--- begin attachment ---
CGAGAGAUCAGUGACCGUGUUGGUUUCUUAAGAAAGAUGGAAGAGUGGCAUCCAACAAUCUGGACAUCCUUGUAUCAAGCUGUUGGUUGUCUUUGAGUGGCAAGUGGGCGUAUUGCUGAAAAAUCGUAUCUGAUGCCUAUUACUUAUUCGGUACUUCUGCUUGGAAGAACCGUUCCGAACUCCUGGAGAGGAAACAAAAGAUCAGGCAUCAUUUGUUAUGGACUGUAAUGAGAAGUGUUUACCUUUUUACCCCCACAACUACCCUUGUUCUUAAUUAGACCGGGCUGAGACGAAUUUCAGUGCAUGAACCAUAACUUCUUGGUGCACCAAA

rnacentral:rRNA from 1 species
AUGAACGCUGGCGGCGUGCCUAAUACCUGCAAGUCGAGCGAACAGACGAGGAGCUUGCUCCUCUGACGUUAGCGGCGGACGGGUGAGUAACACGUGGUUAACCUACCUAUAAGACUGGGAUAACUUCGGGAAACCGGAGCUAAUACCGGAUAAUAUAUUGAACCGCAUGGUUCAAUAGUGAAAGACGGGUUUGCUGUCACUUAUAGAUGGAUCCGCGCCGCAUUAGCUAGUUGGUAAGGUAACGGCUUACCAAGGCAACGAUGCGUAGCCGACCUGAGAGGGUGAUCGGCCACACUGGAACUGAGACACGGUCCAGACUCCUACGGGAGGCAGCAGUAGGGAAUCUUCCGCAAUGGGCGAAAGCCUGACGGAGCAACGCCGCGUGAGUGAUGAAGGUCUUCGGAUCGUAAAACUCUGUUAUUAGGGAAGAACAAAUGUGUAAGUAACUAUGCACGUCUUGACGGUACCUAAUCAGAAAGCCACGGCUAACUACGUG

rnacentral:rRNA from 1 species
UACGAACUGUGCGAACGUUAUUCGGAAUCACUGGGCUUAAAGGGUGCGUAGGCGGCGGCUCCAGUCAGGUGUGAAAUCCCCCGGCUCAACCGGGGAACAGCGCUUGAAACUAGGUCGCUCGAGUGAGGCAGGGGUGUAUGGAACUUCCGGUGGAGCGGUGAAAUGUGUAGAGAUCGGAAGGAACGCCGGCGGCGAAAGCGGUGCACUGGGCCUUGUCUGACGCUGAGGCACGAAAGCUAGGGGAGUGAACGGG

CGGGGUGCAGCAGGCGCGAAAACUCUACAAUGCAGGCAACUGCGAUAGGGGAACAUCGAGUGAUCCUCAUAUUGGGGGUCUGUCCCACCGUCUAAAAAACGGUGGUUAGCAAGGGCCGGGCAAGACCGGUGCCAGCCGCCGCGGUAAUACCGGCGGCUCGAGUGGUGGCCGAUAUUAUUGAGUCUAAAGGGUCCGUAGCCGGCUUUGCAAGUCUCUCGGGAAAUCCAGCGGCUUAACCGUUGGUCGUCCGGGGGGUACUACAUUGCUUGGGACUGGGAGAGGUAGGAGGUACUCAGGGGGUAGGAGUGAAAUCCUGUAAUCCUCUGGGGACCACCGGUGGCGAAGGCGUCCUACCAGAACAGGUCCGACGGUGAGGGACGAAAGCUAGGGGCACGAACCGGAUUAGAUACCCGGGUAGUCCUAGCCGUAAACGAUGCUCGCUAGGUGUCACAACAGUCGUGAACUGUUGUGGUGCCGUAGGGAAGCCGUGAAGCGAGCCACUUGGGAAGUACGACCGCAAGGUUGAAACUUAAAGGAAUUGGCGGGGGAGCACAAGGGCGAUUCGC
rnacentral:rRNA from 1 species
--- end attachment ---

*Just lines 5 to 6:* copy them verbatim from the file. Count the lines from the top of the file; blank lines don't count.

UACGAACUGUGCGAACGUUAUUCGGAAUCACUGGGCUUAAAGGGUGCGUAGGCGGCGGCUCCAGUCAGGUGUGAAAUCCCCCGGCUCAACCGGGGAACAGCGCUUGAAACUAGGUCGCUCGAGUGAGGCAGGGGUGUAUGGAACUUCCGGUGGAGCGGUGAAAUGUGUAGAGAUCGGAAGGAACGCCGGCGGCGAAAGCGGUGCACUGGGCCUUGUCUGACGCUGAGGCACGAAAGCUAGGGGAGUGAACGGG

CGGGGUGCAGCAGGCGCGAAAACUCUACAAUGCAGGCAACUGCGAUAGGGGAACAUCGAGUGAUCCUCAUAUUGGGGGUCUGUCCCACCGUCUAAAAAACGGUGGUUAGCAAGGGCCGGGCAAGACCGGUGCCAGCCGCCGCGGUAAUACCGGCGGCUCGAGUGGUGGCCGAUAUUAUUGAGUCUAAAGGGUCCGUAGCCGGCUUUGCAAGUCUCUCGGGAAAUCCAGCGGCUUAACCGUUGGUCGUCCGGGGGGUACUACAUUGCUUGGGACUGGGAGAGGUAGGAGGUACUCAGGGGGUAGGAGUGAAAUCCUGUAAUCCUCUGGGGACCACCGGUGGCGAAGGCGUCCUACCAGAACAGGUCCGACGGUGAGGGACGAAAGCUAGGGGCACGAACCGGAUUAGAUACCCGGGUAGUCCUAGCCGUAAACGAUGCUCGCUAGGUGUCACAACAGUCGUGAACUGUUGUGGUGCCGUAGGGAAGCCGUGAAGCGAGCCACUUGGGAAGUACGACCGCAAGGUUGAAACUUAAAGGAAUUGGCGGGGGAGCACAAGGGCGAUUCGC